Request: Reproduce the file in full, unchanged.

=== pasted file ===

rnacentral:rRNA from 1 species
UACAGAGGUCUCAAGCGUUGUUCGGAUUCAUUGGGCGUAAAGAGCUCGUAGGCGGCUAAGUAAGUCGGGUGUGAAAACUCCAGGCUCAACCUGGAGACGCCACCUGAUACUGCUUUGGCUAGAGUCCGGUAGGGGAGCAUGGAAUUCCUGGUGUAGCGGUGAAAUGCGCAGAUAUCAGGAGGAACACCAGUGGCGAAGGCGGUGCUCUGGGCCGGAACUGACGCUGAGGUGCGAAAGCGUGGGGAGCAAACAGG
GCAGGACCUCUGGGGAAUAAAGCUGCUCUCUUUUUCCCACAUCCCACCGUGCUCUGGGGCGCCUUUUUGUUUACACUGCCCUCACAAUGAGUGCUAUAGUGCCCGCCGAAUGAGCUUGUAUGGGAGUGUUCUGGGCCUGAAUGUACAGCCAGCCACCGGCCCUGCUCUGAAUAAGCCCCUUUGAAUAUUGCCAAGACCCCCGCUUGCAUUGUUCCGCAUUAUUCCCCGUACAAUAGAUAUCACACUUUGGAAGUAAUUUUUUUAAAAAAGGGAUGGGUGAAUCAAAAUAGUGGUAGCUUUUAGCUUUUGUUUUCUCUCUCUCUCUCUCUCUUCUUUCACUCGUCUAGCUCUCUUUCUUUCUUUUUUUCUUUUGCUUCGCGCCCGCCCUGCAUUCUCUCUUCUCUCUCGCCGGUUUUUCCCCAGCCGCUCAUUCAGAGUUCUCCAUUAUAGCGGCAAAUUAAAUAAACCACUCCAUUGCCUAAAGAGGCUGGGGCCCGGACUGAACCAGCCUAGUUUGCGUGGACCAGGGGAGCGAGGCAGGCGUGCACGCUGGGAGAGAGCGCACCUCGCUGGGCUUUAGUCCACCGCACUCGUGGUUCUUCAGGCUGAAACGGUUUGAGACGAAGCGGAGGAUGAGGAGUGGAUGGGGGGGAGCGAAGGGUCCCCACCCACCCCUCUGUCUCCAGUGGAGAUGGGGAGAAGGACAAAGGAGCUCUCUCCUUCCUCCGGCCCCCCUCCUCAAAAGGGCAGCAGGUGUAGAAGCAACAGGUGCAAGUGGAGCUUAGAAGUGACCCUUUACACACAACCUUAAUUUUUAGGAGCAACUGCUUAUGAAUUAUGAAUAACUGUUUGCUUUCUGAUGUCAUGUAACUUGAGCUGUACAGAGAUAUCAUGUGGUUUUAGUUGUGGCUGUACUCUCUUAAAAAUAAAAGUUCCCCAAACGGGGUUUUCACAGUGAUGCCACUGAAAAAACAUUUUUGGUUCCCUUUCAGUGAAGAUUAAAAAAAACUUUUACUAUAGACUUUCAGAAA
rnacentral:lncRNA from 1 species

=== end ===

rnacentral:rRNA from 1 species
UACAGAGGUCUCAAGCGUUGUUCGGAUUCAUUGGGCGUAAAGAGCUCGUAGGCGGCUAAGUAAGUCGGGUGUGAAAACUCCAGGCUCAACCUGGAGACGCCACCUGAUACUGCUUUGGCUAGAGUCCGGUAGGGGAGCAUGGAAUUCCUGGUGUAGCGGUGAAAUGCGCAGAUAUCAGGAGGAACACCAGUGGCGAAGGCGGUGCUCUGGGCCGGAACUGACGCUGAGGUGCGAAAGCGUGGGGAGCAAACAGG
GCAGGACCUCUGGGGAAUAAAGCUGCUCUCUUUUUCCCACAUCCCACCGUGCUCUGGGGCGCCUUUUUGUUUACACUGCCCUCACAAUGAGUGCUAUAGUGCCCGCCGAAUGAGCUUGUAUGGGAGUGUUCUGGGCCUGAAUGUACAGCCAGCCACCGGCCCUGCUCUGAAUAAGCCCCUUUGAAUAUUGCCAAGACCCCCGCUUGCAUUGUUCCGCAUUAUUCCCCGUACAAUAGAUAUCACACUUUGGAAGUAAUUUUUUUAAAAAAGGGAUGGGUGAAUCAAAAUAGUGGUAGCUUUUAGCUUUUGUUUUCUCUCUCUCUCUCUCUCUUCUUUCACUCGUCUAGCUCUCUUUCUUUCUUUUUUUCUUUUGCUUCGCGCCCGCCCUGCAUUCUCUCUUCUCUCUCGCCGGUUUUUCCCCAGCCGCUCAUUCAGAGUUCUCCAUUAUAGCGGCAAAUUAAAUAAACCACUCCAUUGCCUAAAGAGGCUGGGGCCCGGACUGAACCAGCCUAGUUUGCGUGGACCAGGGGAGCGAGGCAGGCGUGCACGCUGGGAGAGAGCGCACCUCGCUGGGCUUUAGUCCACCGCACUCGUGGUUCUUCAGGCUGAAACGGUUUGAGACGAAGCGGAGGAUGAGGAGUGGAUGGGGGGGAGCGAAGGGUCCCCACCCACCCCUCUGUCUCCAGUGGAGAUGGGGAGAAGGACAAAGGAGCUCUCUCCUUCCUCCGGCCCCCCUCCUCAAAAGGGCAGCAGGUGUAGAAGCAACAGGUGCAAGUGGAGCUUAGAAGUGACCCUUUACACACAACCUUAAUUUUUAGGAGCAACUGCUUAUGAAUUAUGAAUAACUGUUUGCUUUCUGAUGUCAUGUAACUUGAGCUGUACAGAGAUAUCAUGUGGUUUUAGUUGUGGCUGUACUCUCUUAAAAAUAAAAGUUCCCCAAACGGGGUUUUCACAGUGAUGCCACUGAAAAAACAUUUUUGGUUCCCUUUCAGUGAAGAUUAAAAAAAACUUUUACUAUAGACUUUCAGAAA
rnacentral:lncRNA from 1 species